Writer Rebecca Dana explains the gritty details were all about production values:
"South Park," the popular Comedy Central show about the misadventures of a group of four Colorado boys, criticized the news media Wednesday night for its overhyped coverage of Hurricane Katrina. In the episode, two of the boys, Stan Marsh and Eric Cartman, accidentally crash a boat into a beaver dam, flooding an entire town. In the aftermath, local and national media blame it on global warming, ridiculously exaggerate the extent of the damage, make up stories of rape, murder, "cannibalism," and tell tales of "hundreds of millions" of deaths in a town of 8,000 people.
No bias here, but kind of amusing: The front of Saturday's Sports page featured a picture of the 16-year old golf phenom Michelle Wie taking a free drop of her ball after it was ruled unplayable in the first round of the Samsung World Championship. The headline over the accompanying story read "Wie Knows How to Play, And She Knows the Rules."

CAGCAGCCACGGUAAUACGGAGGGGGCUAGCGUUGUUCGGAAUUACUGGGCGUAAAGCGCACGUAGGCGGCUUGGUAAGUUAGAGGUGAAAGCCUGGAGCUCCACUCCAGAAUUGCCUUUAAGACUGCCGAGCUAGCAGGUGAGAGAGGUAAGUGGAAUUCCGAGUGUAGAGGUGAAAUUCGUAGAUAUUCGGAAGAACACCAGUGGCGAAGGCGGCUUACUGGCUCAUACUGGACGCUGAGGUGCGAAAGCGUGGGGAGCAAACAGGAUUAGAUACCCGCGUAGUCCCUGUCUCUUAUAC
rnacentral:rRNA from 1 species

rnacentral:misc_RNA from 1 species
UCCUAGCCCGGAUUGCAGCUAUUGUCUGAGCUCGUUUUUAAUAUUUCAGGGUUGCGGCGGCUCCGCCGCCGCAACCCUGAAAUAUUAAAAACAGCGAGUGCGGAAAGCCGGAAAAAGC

Or does she? Monday's sports page declared "Infraction Costs Wie First Payday."
Another free drop that Wie took during the third round on Saturday was ruled illegal on Sunday, after it was determined Wie had perhaps inadvertently moved the ball closer to the hole when she made her drop.
On Tuesday, I posted an item about how Harry Smith worried that Christians who put up Hurricane Katrina evacuees in their homes might force their guests to attend church in order to eat breakfast. It was a silly question in an otherwise non-biased interview with Pastor Rick Warren, author of the best-selling book, The Purpose-Driven Life. Well, our favorite religious scholar made another gaffe today which similarly shows his ignorance about the beliefs of his interview subjects.
Under video shown on ABC's Good Morning America, during Charlie Gibson's Wednesday interview with Senator Hillary Clinton on Capitol Hill, viewers saw a graphic which asked: “WHAT WENT WORONG?” ABC's spelling, for one thing. The misspelled graphic ran under video of Senator Clinton talking to people inside the Washington, DC armory, one of the shelters for those evacuated from New Orleans.
The MRC's Rich Noyes caught ABC's miscue, which they quickly corrected when they switched to a two-shot of Gibson and Clinton.